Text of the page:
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India Today

India Today November 18, 2019

India Today is the leading news magazine and most widely read publication in India. The magazine’s leadership is unquestioned, so much so that India Today is what Indian journalism is judged by, for its integrity and ability to bring unbiased and incisive perspective to arguably the most dynamic, yet perplexing, region in the world. Breaking news and shaping opinion, it is now a household name and the flagship brand of India’s leading multidimensional media group. Additionally, the weekly brings with it a range supplements like Women, Home, Aspire, Spice and Simply which focus on style, health, education, fashion, etc. and Indian cities.

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52 Issues


3 min.

In his seminal 1859 essay ‘On Liberty’, the English philosopher John Mills outlined three dangers to an individual’s personal freedoms. The oldest of which was the tyranny of the one over the many. A newer form (at the time) was the rule of the many over the few; in other words, the tyranny of the majority, which democracies are increasingly becoming subject to. The third was the rule of custom and tradition, which straitjacketed individuals and forced them to conform. Mills’ concerns have persisted over the years and continue to manifest themselves even today, 160 years later. The 21-month Emergency between 1975 and 1977, where personal freedoms were suspended, the opposition jailed and the press muzzled, was our democracy’s darkest hour. It was a reminder of why the world’s largest democracy…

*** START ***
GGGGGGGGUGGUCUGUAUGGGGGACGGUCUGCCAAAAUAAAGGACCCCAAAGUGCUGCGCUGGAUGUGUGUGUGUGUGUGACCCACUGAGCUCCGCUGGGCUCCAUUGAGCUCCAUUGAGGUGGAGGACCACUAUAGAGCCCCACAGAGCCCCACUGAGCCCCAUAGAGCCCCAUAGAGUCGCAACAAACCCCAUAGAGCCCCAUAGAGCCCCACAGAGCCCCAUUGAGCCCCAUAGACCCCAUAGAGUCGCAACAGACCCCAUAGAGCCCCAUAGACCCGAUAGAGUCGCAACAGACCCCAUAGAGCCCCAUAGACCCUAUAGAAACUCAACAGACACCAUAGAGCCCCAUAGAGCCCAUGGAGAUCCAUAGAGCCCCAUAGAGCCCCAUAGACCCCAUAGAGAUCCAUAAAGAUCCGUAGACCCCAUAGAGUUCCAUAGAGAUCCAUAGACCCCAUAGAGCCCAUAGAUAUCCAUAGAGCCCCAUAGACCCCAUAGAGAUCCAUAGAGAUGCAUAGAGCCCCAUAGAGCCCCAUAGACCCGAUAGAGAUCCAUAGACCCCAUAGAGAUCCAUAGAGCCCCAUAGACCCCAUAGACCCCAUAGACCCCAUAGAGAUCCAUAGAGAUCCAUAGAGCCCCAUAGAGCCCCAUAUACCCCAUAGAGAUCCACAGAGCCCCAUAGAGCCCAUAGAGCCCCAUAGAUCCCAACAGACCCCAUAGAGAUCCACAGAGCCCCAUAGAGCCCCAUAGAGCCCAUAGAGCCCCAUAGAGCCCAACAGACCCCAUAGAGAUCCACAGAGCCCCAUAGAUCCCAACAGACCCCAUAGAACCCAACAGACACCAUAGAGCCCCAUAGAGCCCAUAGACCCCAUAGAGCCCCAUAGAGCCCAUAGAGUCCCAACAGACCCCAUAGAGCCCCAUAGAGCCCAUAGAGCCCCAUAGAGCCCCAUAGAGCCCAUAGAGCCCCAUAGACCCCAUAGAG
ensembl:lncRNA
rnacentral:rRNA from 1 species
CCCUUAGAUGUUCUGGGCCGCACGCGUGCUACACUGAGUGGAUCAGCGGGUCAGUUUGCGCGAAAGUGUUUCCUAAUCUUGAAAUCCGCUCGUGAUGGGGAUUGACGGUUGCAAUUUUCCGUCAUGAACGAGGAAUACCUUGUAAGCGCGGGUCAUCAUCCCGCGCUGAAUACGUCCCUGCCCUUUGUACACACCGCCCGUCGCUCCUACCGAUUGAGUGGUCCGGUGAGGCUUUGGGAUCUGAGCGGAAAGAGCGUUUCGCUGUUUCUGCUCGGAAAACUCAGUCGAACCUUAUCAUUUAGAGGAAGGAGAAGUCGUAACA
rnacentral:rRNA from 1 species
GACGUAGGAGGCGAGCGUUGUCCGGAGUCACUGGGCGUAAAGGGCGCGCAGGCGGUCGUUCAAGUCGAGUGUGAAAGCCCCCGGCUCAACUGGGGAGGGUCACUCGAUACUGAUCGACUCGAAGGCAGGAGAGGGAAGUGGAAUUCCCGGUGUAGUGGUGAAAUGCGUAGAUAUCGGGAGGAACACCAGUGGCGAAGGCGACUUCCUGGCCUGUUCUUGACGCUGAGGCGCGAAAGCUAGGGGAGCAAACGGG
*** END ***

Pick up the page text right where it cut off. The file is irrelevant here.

1 min.
india today

CHAIRMAN AND EDITOR-IN-CHIEF: Aroon Purie VICE CHAIRPERSON: Kalli Purie GROUP EDITORIAL DIRECTOR: Raj Chengappa GROUP CREATIVE EDITOR: Nilanjan Das GROUP PHOTO EDITOR: Bandeep Singh MANAGING EDITORS: Kai Jabir Friese, Rajesh Jha CONSULTING EDITOR: Ajit Kumar Jha (Research) EXECUTIVE EDITORS: S. Sahaya Ranjit, Sandeep Unnithan MUMBAI: M.G. Arun SENIOR DEPUTY EDITORS: Uday Mahurkar, Manisha Saroop HYDERABAD: Amarnath K. Menon DEPUTY EDITOR: Shweta Punj SENIOR EDITORS: Kaushik Deka, Sasi Nair, MUMBAI: Suhani Singh; JAIPUR: Rohit Parihar SENIOR ASSOCIATE EDITORS: Ashish Mukherjee MUMBAI: Kiran Dinkar Tare; PATNA: Amitabh Srivastava ASSOCIATE EDITORS: Shougat Dasgupta, Chinki Sinha KOLKATA: Romita Sengupta; BHOPAL: Rahul Noronha; THIRUVANANTHAPURAM: Jeemon Jacob ASSISTANT EDITOR: Zinnia Ray Chaudhuri PUNE: Aditi S. Pai PHOTO DEPARTMENT: Vikram Sharma (Deputy Photo Editor), Yasir Iqbal (Deputy Chief Photographer), Rajwant Singh Rawat (Principal Photographer), Chandra Deep Kumar (Senior Photographer); MUMBAI: Mandar Suresh Deodhar (Chief Photographer), Danesh Adil Jassawala (Photographer); KOLKATA: Subir Halder (Principal…

3 min.
lungfuls of smoke